Wall Street under Oath:
the Story of our modern Money Changers.New York: Simon and Schuster, 1939 Stock Code: 143991
A major influence on post-Crash Wall Street reformFirst edition, first printing, of Pecora's account of his role as chief counsel in the Senate hearings on the role of Wall Street in the 1929 Crash.
American lawyer Ferdinand Pecora (1882-1971) served as chief counsel to the Banking and Currency Committee; his importance for the committee's work investigating banking and securities fraud was such that the hearings held between February 1933 and June 1934 became known as the 'Pecora Wall Street Investigation'. "The investigation led to the resignation of the president of National City Bank in New York; revealed that J. P. Morgan, Jr., had paid no income taxes in 1930-31; and caused Chase Manhattan Bank to separate its banking and securities activities" (Pedersen, The FDR Years, p. 206). Pecora's findings also contributed to several acts, including the Glass-Steagall Banking Act (1933), the Securities Act (1933), the Securities and Exchange Act (1934), and the Public Utility Holding Act (1935). Larson calls it "an influential book but not always objective in its presentation of the case or in its judgments".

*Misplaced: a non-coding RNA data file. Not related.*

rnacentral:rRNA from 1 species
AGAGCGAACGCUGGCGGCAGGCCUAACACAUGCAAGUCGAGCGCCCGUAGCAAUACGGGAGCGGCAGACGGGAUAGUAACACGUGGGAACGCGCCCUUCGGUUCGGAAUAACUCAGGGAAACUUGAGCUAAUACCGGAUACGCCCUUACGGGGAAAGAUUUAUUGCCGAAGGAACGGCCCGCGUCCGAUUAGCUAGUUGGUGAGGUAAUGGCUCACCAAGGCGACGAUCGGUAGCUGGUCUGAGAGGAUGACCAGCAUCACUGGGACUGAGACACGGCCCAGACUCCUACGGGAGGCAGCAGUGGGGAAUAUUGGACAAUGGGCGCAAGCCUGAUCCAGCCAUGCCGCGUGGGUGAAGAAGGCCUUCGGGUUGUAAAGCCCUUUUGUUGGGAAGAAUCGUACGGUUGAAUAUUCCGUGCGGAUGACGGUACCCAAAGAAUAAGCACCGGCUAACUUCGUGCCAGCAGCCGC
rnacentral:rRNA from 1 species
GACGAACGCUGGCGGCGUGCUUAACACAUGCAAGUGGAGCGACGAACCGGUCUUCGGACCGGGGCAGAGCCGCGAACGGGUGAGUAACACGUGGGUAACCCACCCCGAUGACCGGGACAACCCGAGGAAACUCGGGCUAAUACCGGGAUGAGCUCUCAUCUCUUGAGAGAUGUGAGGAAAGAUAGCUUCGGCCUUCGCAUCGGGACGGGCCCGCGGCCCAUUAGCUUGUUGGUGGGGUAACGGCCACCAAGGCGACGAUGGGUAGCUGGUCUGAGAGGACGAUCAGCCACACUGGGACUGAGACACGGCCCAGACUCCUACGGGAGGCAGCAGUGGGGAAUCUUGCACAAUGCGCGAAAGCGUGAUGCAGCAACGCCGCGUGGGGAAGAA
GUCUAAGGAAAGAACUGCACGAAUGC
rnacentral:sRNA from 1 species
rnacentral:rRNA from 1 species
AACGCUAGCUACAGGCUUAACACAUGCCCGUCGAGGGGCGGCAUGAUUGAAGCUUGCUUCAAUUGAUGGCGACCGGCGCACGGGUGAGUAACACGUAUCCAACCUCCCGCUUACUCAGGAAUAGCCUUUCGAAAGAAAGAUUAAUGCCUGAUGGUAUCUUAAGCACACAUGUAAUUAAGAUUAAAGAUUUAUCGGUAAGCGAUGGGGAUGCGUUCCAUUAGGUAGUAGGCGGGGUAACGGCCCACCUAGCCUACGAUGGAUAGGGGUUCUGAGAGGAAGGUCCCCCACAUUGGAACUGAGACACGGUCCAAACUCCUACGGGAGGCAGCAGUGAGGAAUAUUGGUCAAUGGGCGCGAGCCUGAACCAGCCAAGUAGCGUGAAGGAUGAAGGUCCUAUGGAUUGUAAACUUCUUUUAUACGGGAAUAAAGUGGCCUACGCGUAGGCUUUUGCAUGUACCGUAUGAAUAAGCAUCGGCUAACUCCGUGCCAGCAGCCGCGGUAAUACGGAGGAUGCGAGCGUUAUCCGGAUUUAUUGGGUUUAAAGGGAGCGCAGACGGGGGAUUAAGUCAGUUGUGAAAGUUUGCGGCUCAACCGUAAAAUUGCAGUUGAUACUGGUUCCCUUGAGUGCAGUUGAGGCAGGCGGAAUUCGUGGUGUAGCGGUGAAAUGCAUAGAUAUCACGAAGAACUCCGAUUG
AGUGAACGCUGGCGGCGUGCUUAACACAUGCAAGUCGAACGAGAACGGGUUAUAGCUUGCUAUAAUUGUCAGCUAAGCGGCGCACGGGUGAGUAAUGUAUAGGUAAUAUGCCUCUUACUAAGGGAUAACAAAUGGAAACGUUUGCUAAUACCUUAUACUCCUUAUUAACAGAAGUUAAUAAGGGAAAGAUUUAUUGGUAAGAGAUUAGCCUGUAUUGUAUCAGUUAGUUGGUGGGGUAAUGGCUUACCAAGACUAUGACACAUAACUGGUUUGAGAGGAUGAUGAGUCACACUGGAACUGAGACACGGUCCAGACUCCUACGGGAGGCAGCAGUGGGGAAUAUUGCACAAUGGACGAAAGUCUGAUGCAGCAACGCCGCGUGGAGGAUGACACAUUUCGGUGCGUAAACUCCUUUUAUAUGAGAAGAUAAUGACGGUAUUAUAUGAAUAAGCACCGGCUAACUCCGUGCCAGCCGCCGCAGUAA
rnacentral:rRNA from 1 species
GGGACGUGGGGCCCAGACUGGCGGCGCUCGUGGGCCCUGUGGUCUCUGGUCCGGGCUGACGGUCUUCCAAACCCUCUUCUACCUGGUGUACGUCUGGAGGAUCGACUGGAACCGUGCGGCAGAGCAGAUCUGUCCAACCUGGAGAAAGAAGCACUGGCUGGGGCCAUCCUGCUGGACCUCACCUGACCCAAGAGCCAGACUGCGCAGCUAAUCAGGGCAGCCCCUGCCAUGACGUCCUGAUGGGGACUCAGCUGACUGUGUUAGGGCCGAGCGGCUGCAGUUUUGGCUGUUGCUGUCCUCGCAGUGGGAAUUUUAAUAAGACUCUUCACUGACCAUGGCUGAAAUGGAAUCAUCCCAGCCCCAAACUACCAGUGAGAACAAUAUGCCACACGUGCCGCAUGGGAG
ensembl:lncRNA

Octavo. Original blue cloth, spine and front cover lettered and ruled in gilt, top edge red, yellow endpapers.
Title page printed in blue and black.
Spine dulled with lettering faded, light peripheral rubbing. A very good copy.
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